And sometimes we see virtually no risk in equities when they're extremely cheap. We don't see that situation now, but we could see it again. And I don't think we'll be much — I don't think we'll be very constrained when the time comes.
CHARLIE MUNGER: Yeah, our constraint doesn't come from structure, it comes from a lack of enthusiasm for stocks generally. The bonds are held as a default option.
WARREN BUFFETT: Area 3.
AUDIENCE MEMBER: Dear Mr. Buffett and Mr. Munger, my name is Adrian Chur (PH), and I'm a shareholder from Hong Kong.
Thank you for your leadership and inspiration, as always. It's wonderful, always, listening to you. If I may, I would like to ask of you both gentlemen, a question in two parts.
Perhaps I can ask the second part after you've answered the first part. The first part of the question relates to the Fortune article dated 10th of December you included in our shareholder materials.
In this article, you mentioned that one couldn't explain the remarkable divergence in markets by differences in the growth of GNP. However, one could explain the divergence by interest rates.
The first question I have is this: I wonder, sir, if you were to look at the price of gold during the two periods of times you mentioned, that is to say 1948-‘64 and '64-'81, if the explanation could be even more clear?
Thus, the logical reason would be why the Dow in '48 was 177 was because — and half the level of 1929, of 381 index points — is because of the 71 percent devaluation of the American dollar from 20.5 cents an ounce to 35 cents an ounce, which would put the fair value of the Dow at 166, after factoring in the record 50 percent per capita gain of the 1940s that you had mentioned.
WARREN BUFFETT: Yeah, I grew up in a household — and my sisters are here — where gold was talked about frequently. So I've been exposed to a lot of thinking on that over the years.
I don't really think gold has really — the price of gold, I should say — has anything, really, to do with the valuation of businesses.
It may reflect certain things that are going on in prices attached to those businesses at given times.
But I would not regard — I mean, the price of gold does not enter into my thinking in any way, shape, or form, in terms of how I value a business today, a year ago, 10 years ago, or tomorrow.
When we look at Larson-Juhl, the custom picture frame operation, you know, I'm not thinking against — I'm not thinking of that and relating it in any way to what gold has done.
So, I — it's just not a factor with us, any more than other commodities would be. I mean, you know, whether it's wheat, whether it's cocoa beans or whatever.
It has — you know, it has a certain hold on some people and they — but we don't look at it as an interesting investment and we don't look at it as a yardstick for valuing other investments.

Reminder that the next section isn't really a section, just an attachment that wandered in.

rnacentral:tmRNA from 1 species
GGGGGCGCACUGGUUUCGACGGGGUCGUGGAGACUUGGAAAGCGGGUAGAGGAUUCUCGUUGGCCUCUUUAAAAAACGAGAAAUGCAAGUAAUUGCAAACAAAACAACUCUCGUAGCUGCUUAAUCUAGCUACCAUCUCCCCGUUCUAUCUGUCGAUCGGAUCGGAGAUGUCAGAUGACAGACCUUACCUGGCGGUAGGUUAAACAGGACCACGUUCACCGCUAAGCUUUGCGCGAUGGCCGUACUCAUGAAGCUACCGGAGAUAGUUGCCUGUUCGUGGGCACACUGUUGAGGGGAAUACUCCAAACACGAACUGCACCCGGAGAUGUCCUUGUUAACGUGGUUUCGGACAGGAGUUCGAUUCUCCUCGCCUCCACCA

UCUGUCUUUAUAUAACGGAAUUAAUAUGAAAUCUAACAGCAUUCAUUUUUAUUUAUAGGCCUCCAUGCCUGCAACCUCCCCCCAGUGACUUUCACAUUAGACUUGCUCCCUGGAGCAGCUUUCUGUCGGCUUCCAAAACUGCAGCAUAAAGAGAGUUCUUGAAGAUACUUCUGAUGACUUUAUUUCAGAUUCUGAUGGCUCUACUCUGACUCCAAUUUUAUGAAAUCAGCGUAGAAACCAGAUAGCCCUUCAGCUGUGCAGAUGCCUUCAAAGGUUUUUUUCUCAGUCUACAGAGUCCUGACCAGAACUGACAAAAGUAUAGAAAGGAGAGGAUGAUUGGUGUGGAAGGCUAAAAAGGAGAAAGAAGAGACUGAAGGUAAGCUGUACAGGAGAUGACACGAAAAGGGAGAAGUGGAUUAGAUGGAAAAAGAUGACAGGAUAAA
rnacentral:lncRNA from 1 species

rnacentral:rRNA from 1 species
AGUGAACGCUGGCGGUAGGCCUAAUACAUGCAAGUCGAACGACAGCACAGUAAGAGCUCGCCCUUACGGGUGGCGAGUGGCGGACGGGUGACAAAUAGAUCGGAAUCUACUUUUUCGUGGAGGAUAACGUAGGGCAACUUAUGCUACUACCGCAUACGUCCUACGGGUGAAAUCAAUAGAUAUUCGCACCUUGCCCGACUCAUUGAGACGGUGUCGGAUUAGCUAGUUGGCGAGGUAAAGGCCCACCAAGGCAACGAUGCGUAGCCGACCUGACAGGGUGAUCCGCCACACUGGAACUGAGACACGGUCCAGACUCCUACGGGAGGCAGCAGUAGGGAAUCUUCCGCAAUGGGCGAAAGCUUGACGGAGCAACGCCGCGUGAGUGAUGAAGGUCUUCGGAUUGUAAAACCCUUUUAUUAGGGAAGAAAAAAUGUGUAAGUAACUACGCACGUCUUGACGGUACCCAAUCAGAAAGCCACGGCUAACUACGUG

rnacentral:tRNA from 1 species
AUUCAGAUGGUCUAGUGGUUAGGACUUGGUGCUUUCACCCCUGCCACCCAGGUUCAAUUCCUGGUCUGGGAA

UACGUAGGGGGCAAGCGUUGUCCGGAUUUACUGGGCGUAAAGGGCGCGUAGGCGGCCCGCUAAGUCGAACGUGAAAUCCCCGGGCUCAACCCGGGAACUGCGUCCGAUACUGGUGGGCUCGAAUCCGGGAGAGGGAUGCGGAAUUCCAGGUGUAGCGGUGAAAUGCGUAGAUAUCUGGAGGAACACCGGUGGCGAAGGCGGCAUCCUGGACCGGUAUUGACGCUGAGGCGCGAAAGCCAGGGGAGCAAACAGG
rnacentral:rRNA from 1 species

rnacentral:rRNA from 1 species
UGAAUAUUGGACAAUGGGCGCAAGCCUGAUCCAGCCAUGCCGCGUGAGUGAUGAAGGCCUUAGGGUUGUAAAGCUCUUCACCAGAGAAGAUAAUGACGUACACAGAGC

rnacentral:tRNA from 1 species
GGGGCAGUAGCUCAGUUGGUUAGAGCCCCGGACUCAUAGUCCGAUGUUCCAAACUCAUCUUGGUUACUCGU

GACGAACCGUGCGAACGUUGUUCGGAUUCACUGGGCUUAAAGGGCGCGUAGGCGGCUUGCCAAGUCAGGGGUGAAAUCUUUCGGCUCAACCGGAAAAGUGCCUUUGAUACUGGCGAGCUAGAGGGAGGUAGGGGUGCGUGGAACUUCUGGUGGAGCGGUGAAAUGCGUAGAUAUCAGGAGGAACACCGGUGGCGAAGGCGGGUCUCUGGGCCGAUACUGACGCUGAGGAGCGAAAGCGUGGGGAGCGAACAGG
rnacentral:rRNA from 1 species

CHARLIE MUNGER: Yeah, Warren is right when he says that interest rates are very important in determining the value of stocks, generally. And I think he's also right when he says gold is very unimportant.
WARREN BUFFETT: And the second part of the question?
AUDIENCE MEMBER: Thank you, sir. The second part of my question is this: given your assumptions on gold, if you were to factor a significant decline in the value of the dollar against gold, let's say 40 percent or more, and given the correlation of 1929-‘48 and '64-'81 eras positively to the decline of the dollar, and the negative correlation in the other two areas that you had studied, would you care to adjust the 7 percent total annual return you were quoted as expecting for common equity in the coming decade?
And in conjunction with that, would you care to comment on your expected rate or return on all other major asset classes, perhaps like bonds, real estates? And which would you believe offers the best value for investors? Thank you very much.
WARREN BUFFETT: Yeah. Well, except under unusual circumstances, my expected rate — my expectancy on something like bonds is what bonds are producing at a given time. I don't think I'm smarter than the bond market.
Now, you can say, when they — when those rates swing all over, does that mean I swing all over? The answer is pretty close to yes. I mean, that — I don't know what the right rate for bonds is. I think that if there's —
I'm very leery of economic correlations. I mean, I spent years fooling around with that sort of thing, and I mean, I correlated stock prices with everything in the world. And the — and you know, the problem was when I found a correlation.
I mean, it’s — (laughs) — you know, you've seen these things on whether the AFC or the NFL wins the Super Bowl and all of that sort of thing. You can find something that correlates with something else.
But in the end, a business or any economic asset is going to be worth what it produces in the way of cash over its lifetime.
And if you own a — if you own an oil field, if you own a farm, if you own an apartment house, you know, with the oil field, it's the life of the oil field and what you can get out of it. And maybe you get secondary recovery, maybe you get tertiary recovery.